The Plays and Poems of William Shakspeare, Band 6

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R. C. and J. Rivington, 1821
 

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Seite 380 - The seasons' difference ; as, the icy fang, And churlish chiding of the winter's wind ; Which when it bites and blows upon my body, Even till I shrink with cold, I smile, and say, — This is no flattery : these are counsellors, That feelingly persuade me what I am.
Seite 52 - Her waggon-spokes made of long spinners' legs; The cover, of the wings of grasshoppers; The traces, of the smallest spider's web; The collars, of the moonshine's watery beams; Her whip, of cricket's bone ; the lash, of film ; Her waggoner, a small grey-coated gnat, Not half so big as a round little worm Prick'd from the lazy finger of a maid; Her chariot is an empty hazel-nut, Made by the joiner squirrel, or old grub, Time out of mind the fairies' coach-makers And in this state she gallops night...
Seite 66 - Good pilgrim, you do wrong your hand too much, Which mannerly devotion shows in this ; For saints have hands that pilgrims' hands do touch, And palm to palm is holy palmers
Seite 242 - O ! here Will I set up my everlasting rest, And shake the yoke of inauspicious stars From this world-wearied flesh.
Seite 77 - tis not to me she speaks : Two of the fairest stars in all the heaven, Having some business, do entreat her eyes To twinkle in their spheres till they return.
Seite 84 - O, swear not by the moon, the inconstant moon, That monthly changes in her circled orb, Lest that thy love prove likewise variable.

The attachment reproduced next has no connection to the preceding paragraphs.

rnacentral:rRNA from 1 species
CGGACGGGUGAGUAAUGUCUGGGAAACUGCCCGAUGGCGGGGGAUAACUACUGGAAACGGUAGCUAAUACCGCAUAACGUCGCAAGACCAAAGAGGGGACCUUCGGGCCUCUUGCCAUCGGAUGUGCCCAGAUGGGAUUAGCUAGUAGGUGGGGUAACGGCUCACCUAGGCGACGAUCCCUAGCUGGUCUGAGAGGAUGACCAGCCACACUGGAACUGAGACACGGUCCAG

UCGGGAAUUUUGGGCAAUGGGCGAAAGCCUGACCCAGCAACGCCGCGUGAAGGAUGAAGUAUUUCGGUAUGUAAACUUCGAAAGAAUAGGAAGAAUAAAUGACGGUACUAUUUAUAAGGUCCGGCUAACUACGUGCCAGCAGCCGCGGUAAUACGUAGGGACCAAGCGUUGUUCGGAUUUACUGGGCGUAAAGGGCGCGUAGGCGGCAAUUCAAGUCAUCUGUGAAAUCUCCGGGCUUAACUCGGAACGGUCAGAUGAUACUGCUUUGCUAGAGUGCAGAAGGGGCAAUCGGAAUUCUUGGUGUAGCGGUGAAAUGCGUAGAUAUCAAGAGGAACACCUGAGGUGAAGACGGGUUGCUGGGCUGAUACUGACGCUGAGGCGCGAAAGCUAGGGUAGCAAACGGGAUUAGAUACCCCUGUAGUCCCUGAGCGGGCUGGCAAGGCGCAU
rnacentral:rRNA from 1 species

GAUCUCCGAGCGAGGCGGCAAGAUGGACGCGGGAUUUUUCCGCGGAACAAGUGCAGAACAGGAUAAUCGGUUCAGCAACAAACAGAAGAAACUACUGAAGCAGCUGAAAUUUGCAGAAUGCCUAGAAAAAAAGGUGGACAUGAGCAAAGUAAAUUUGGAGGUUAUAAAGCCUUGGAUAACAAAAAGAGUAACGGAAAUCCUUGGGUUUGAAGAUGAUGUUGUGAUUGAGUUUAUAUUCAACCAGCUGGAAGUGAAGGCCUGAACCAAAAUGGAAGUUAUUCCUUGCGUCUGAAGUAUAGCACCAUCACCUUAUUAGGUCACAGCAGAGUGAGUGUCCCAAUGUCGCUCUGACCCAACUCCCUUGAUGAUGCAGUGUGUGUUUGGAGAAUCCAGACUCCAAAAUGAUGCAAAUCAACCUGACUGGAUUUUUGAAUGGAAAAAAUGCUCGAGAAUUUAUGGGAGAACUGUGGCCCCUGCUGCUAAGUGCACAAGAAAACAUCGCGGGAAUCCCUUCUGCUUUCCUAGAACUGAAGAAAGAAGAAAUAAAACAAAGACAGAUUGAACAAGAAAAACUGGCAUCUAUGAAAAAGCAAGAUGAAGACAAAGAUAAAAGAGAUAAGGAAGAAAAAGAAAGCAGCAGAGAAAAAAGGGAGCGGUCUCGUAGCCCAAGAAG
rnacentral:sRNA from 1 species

Seite 78 - O ! speak again, bright angel ; for thou art As glorious to this night, being o'er my head, As is a winged messenger of heaven Unto the white-upturned wond'ring eyes Of mortals, that fall back to gaze on him When he bestrides the lazy-pacing clouds, And sails upon the bosom of the air.
Seite 161 - It was the lark, the herald of the morn, No nightingale: look, love, what envious streaks Do lace the severing clouds in yonder east: Night's candles are burnt out, and jocund day Stands tiptoe on the misty mountain tops; I must be gone and live, or stay and die.
Seite 56 - True, I talk of dreams ; Which are the children of an idle brain, Begot of nothing but vain fantasy ; Which is as thin of substance as the air ; And more inconstant than the wind...
Seite 409 - And then the whining school-boy, with his satchel, And shining morning face, creeping like snail Unwillingly to school ; and then the lover, • Sighing like furnace, with a woeful ballad Made to his mistress...